Whatever your New Year’s Resolution, a healthy and balanced diet will provide many benefits into 2019 and beyond. What we eat and drink can affect our body’s ability to fight infections, as well as how likely we are to develop health problems later in life, including obesity, heart disease, diabetes and different types of cancer.
The exact ingredients of a healthy diet will depend on different factors like how old and how active we are, as well as the kinds of foods that are available in the communities where we live. But across cultures, there are some common food tips for helping us lead healthier, longer lives.
Eat a variety of food
Our bodies are incredibly complex, and (with the exception of breast milk for babies) no single food contains all the nutrients we need for them to work at their best. Our diets must therefore contain a wide variety of fresh and nutritious foods to keep us going strong.
Some tips to ensure a balanced diet:
♦ In your daily diet, aim to eat a mix of staple foods such as wheat , rice and potatoes with legumes like lentils and beans, plenty of fresh fruit and vegetables, and foods from animal sources (e.g. meat, fish, eggs and milk).
♦ Choose wholegrain foods like unprocessed oats, wheat and brown rice when you can; they are rich in valuable fibre and can help you feel full for longer.
♦ For snacks, choose raw vegetables, unsalted nuts and fresh fruit, rather than foods that are high in sugars, fats or salt.
Cut back on salt
Too much salt can raise blood pressure, which is a leading risk factor for heart disease and stroke. Most people around the world eat too much salt: on average, we consume double the World Health Organisation (WHO) recommended limit of 5 grams (equivalent to a teaspoon) a day. Some tips to reduce your salt intake:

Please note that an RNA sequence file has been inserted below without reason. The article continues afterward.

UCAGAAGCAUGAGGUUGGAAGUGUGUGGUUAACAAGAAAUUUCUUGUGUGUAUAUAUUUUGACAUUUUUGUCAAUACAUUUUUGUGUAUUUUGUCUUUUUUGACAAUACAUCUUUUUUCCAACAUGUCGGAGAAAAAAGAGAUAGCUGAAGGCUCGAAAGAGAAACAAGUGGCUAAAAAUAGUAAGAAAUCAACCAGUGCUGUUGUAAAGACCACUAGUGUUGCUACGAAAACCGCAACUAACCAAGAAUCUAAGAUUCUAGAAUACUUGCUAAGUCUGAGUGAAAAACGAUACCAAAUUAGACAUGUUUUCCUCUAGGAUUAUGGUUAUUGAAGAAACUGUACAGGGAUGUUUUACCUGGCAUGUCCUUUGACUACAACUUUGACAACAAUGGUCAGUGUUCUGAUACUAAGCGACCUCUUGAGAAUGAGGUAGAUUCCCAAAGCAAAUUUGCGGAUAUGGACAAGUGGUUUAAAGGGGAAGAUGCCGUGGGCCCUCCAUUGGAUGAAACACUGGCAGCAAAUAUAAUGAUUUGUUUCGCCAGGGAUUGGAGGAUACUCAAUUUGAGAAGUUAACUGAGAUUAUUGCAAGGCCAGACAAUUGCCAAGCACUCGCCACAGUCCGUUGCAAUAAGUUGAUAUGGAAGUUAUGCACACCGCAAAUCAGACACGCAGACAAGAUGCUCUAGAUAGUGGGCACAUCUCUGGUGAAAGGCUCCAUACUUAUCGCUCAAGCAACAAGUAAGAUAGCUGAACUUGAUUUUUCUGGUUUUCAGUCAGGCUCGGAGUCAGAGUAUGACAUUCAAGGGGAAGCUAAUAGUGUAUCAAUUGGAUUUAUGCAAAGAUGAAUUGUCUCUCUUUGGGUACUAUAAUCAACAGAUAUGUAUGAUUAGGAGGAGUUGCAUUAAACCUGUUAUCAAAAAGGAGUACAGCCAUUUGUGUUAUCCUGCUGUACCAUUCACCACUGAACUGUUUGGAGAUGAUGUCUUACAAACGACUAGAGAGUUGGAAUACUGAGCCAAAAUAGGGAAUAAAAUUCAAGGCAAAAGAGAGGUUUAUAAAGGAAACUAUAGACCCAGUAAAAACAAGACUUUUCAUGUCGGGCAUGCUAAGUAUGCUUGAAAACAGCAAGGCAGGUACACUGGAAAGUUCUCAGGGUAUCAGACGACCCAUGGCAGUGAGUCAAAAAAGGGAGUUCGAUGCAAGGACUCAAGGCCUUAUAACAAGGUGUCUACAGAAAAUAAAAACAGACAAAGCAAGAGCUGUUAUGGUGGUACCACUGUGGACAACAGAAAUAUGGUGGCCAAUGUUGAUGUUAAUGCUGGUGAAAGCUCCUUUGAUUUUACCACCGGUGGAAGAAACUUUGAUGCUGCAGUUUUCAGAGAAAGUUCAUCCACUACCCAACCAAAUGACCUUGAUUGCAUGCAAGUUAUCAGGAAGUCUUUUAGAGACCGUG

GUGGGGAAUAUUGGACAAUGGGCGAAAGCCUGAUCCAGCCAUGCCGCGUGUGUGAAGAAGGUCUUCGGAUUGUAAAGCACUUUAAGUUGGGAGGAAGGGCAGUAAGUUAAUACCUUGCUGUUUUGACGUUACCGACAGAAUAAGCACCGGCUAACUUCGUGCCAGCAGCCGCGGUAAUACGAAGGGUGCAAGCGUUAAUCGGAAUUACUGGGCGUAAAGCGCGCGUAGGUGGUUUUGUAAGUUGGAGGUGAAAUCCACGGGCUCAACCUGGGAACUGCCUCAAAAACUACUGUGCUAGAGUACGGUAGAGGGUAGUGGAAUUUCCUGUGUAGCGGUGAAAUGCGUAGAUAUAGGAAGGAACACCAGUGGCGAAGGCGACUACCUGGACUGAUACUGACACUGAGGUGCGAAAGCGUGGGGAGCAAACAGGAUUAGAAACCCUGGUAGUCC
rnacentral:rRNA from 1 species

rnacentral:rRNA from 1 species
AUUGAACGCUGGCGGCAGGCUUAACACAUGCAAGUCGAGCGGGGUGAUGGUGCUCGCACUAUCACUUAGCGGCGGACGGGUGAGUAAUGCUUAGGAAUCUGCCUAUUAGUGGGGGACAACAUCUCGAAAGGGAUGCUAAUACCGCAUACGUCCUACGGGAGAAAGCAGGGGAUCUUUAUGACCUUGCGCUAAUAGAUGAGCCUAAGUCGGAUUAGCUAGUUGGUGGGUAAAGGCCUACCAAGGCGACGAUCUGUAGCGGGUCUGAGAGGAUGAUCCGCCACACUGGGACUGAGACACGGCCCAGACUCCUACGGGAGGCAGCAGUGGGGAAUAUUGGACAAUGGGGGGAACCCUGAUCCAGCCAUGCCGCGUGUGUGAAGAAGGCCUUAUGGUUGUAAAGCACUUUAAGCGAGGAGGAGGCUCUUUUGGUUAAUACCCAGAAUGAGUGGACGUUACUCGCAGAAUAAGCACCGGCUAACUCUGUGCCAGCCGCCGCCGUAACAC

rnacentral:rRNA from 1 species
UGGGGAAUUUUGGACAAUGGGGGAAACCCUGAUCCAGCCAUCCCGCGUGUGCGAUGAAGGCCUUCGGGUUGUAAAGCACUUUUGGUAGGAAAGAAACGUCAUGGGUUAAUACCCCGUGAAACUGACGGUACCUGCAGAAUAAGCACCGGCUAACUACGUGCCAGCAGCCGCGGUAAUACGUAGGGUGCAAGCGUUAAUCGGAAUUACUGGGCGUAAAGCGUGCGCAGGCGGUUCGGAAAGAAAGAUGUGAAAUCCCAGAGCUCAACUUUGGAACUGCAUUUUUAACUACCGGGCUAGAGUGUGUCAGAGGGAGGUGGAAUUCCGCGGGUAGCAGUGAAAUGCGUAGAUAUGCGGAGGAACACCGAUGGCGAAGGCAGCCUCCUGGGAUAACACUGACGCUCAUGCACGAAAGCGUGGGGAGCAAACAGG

♦ When cooking and preparing foods, use salt sparingly and reduce use of salty sauces and condiments,
♦ Avoid snacks that are high in salt, and try and choose fresh healthy snacks over processed foods.
♦ Remove salt and salty condiments from the table and try and avoid adding them out of habit; our tastebuds can quickly adjust and once they do, you are likely to enjoy food with less salt, but more flavour!
Reduce use of certain fats and oil
We all need some fat in our diet, but eating too much – especially the wrong kinds - increases risks of obesity, heart disease and stroke. Industrially-produced trans fats are the most hazardous for health. A diet high in this kind of fat has been found to raise risk of heart disease by nearly 30%. Some tips to reduce fat consumption:
♦ Replace butter and ghee with healthier oils such as soybean, canola (rapeseed), corn and sunflower.
♦ Choose white meat like poultry and fish which are generally lower in fats than red meat, trim meat of visible fat and limit the consumption of processed meats.
♦ Try steaming or boiling instead of frying food.
♦ Check labels and always avoid all processed, fast and fried foods that contain industrially-produced trans fat. It is often found in margarine and ghee, as well as pre-packaged snacks, fast, baked and fried foods.
Limit sugar intake
Too much sugar increases the risk of unhealthy weight gain and obesity, which can lead to serious, chronic health problems. As with salt, it is important to take note of the amount of “hidden” sugars that can be in processed food and drinks. For example, a single can of soda can contain up to 10 teaspoons of added sugar! Some tips to reduce sugar intake:
♦ Limit intake of sweets and sugary drinks such as fizzy drinks, fruit juices and juice drinks, liquid and powder concentrates, flavoured water, energy and sports drinks, ready-to-drink tea and coffee and flavoured milk drinks.
♦ Avoid giving sugary foods to children. Salt and sugars should not be added to complementary foods give to children under 2 years of age, and should be limited beyond that age.-WHO